Sacramento Valley Union Labor Bulletin

Owned and Published by the Sacramento Central Labor Council and the Sacramento-Sierra’s Building & Construction Trades Council, official councils of the AFL-CIO


New laws protect workers

By Sheri Williams

As workers across California cope with the fears and economic hardships brought with the coronavirus, unions have been working with political leaders to protect working families.

A number of new measures have passed at the city, state and federal level in recent days to help protect working women and men, and their families, during this national crisis.

In Sacramento, the City Council adopted an ordinance on March 17 to establish a temporary ban on evicting residential tenants unable to pay rent due to a loss of income caused by COVID-19. City Council extended this ordinance on March 24 to include commercial tenants and to waive late fees.

“It is vital for us to protect residential and commercial tenants during this tenuous time,” said Assistant City Manager Michael Jasso. “The temporary ban on evictions is part of the City’s efforts to address the financial impacts of the disease on residential and local business renters.”

The ordinance applies to residential and commercial tenants within the limits of the City of Sacramento and all residential tenants regardless as to when the rental unit was built. Single-family residences and condominiums that are rented are included in this ordinance.

The City Council has also started a free Essential Worker Childcare program for first responders, health care workers and essential City of Sacramento employees.

The program provides care for 350 children (ages 5 to 12) at eight community centers throughout the city. The program is administered by the City’s Youth, Parks & Community Enrichment Department. The children will be kept in separate groups of 10 or less that will not intermingle.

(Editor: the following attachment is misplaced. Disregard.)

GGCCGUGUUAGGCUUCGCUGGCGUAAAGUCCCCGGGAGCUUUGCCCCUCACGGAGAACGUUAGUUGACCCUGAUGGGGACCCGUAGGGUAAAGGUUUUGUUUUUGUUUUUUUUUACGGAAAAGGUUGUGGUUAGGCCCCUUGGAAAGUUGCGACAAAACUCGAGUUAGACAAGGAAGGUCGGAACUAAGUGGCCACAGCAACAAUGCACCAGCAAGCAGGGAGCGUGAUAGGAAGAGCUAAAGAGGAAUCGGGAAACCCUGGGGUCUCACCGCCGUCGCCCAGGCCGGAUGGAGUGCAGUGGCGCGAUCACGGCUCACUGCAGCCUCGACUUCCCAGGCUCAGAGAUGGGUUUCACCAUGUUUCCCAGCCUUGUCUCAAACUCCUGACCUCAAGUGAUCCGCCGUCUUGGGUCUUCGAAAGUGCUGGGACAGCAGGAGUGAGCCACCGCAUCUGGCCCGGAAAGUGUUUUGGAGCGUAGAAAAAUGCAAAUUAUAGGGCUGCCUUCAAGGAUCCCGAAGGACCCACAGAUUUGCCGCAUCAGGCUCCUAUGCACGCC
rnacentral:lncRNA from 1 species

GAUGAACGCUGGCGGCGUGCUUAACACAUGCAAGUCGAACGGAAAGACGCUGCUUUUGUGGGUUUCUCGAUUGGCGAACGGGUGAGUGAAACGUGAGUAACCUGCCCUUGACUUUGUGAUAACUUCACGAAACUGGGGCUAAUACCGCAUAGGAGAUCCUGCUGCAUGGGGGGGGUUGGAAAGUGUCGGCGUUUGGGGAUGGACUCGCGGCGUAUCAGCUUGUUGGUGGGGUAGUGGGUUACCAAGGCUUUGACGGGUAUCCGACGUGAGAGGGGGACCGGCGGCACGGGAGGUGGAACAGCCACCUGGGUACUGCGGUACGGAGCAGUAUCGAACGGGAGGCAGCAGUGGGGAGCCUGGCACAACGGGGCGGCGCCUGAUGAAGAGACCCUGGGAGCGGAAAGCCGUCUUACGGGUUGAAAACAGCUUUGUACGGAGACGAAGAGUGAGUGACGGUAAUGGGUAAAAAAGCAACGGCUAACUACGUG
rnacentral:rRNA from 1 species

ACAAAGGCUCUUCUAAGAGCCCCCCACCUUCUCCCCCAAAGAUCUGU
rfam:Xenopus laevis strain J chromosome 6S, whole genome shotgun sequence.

“I am very proud of our city during this moment in time,” Steinberg said. “We are an organized and committed city, committed to helping everyone through this extraordinary experience known as the coronavirus crisis.”

At the federal level, a bipartisan relief package was passed recently to provide payments up to $1,200 to adults, and an additional $500 for each child.

“The stimulus bill passed today will provide critical support for California to fight COVID-19 and strengthen our hospitals and health care system. It means an additional $600 a week in Unemployment Insurance for the many Californians who have already lost jobs and the many more who will during this crisis, provides emergency loans and grants to help small businesses and non-profits keep people employed, and it provides direct aid to state and local governments so that we can respond to this emergency and aid communities and families during this time,” said Gov. Gavin Newsom. “States and local governments are on the front lines of fighting this pandemic — scaling up the capacity of our health system, supporting first responders, providing food aid, and supporting workers as they seek to make ends meet amid massive job losses. State and local governments will need additional and flexible funding to ensure they can continue responding to this crisis and continue critical services. California businesses and residents will also need additional federal support to weather this economic storm. California will work closely with our federal partners for more help to ensure that Californians can quickly recover from the economic, health, and humanitarian impacts from COVID-19.”